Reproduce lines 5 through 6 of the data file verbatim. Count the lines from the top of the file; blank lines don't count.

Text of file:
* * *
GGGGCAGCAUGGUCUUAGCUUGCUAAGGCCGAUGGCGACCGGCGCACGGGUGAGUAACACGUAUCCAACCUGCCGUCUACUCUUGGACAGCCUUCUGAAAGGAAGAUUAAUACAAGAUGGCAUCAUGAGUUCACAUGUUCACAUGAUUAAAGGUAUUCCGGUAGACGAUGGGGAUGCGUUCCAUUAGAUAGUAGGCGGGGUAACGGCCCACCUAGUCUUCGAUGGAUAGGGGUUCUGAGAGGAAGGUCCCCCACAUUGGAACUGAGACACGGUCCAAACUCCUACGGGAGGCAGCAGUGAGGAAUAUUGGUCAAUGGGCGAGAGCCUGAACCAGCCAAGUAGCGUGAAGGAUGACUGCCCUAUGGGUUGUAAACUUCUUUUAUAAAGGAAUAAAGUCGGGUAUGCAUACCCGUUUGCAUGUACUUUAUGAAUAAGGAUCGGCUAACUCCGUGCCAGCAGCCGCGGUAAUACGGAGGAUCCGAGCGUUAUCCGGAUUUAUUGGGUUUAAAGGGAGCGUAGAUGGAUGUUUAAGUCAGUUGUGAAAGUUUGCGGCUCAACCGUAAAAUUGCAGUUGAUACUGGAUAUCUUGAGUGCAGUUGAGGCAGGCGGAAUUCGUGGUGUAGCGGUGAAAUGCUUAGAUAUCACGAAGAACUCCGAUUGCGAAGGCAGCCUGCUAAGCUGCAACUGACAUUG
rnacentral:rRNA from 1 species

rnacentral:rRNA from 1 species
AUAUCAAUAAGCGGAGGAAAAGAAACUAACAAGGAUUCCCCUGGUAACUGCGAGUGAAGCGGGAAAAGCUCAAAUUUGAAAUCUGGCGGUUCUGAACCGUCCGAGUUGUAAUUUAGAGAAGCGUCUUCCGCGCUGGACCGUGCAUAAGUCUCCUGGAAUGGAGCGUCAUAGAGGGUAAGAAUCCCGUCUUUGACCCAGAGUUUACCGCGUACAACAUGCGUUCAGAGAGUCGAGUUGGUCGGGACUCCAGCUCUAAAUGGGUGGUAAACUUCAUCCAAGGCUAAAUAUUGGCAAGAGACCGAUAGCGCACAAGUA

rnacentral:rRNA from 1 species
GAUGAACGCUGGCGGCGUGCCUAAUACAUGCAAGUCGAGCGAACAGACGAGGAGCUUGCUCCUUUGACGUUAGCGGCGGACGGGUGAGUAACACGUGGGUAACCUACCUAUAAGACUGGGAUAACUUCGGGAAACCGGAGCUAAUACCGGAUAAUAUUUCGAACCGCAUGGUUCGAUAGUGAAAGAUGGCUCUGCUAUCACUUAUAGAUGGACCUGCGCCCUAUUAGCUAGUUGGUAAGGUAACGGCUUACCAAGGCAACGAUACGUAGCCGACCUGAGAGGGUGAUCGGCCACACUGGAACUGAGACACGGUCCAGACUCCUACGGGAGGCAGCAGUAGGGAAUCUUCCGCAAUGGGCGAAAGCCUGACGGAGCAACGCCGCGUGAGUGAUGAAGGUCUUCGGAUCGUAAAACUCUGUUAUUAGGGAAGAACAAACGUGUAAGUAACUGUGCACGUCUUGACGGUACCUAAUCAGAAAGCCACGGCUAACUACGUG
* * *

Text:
rnacentral:rRNA from 1 species
GAUGAACGCUGGCGGCGUGCCUAAUACAUGCAAGUCGAGCGAACAGACGAGGAGCUUGCUCCUUUGACGUUAGCGGCGGACGGGUGAGUAACACGUGGGUAACCUACCUAUAAGACUGGGAUAACUUCGGGAAACCGGAGCUAAUACCGGAUAAUAUUUCGAACCGCAUGGUUCGAUAGUGAAAGAUGGCUCUGCUAUCACUUAUAGAUGGACCUGCGCCCUAUUAGCUAGUUGGUAAGGUAACGGCUUACCAAGGCAACGAUACGUAGCCGACCUGAGAGGGUGAUCGGCCACACUGGAACUGAGACACGGUCCAGACUCCUACGGGAGGCAGCAGUAGGGAAUCUUCCGCAAUGGGCGAAAGCCUGACGGAGCAACGCCGCGUGAGUGAUGAAGGUCUUCGGAUCGUAAAACUCUGUUAUUAGGGAAGAACAAACGUGUAAGUAACUGUGCACGUCUUGACGGUACCUAAUCAGAAAGCCACGGCUAACUACGUG